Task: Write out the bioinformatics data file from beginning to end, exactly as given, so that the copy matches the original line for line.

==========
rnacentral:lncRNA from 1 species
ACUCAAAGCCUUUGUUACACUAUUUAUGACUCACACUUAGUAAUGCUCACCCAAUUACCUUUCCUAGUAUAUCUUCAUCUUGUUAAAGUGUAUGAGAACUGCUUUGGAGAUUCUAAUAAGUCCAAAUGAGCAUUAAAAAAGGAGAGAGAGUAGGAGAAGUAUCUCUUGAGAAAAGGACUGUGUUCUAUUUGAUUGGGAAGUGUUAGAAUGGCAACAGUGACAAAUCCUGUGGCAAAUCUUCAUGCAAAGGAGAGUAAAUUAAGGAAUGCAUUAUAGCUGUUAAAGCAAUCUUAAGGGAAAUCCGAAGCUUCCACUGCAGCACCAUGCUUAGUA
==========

rnacentral:lncRNA from 1 species
ACUCAAAGCCUUUGUUACACUAUUUAUGACUCACACUUAGUAAUGCUCACCCAAUUACCUUUCCUAGUAUAUCUUCAUCUUGUUAAAGUGUAUGAGAACUGCUUUGGAGAUUCUAAUAAGUCCAAAUGAGCAUUAAAAAAGGAGAGAGAGUAGGAGAAGUAUCUCUUGAGAAAAGGACUGUGUUCUAUUUGAUUGGGAAGUGUUAGAAUGGCAACAGUGACAAAUCCUGUGGCAAAUCUUCAUGCAAAGGAGAGUAAAUUAAGGAAUGCAUUAUAGCUGUUAAAGCAAUCUUAAGGGAAAUCCGAAGCUUCCACUGCAGCACCAUGCUUAGUA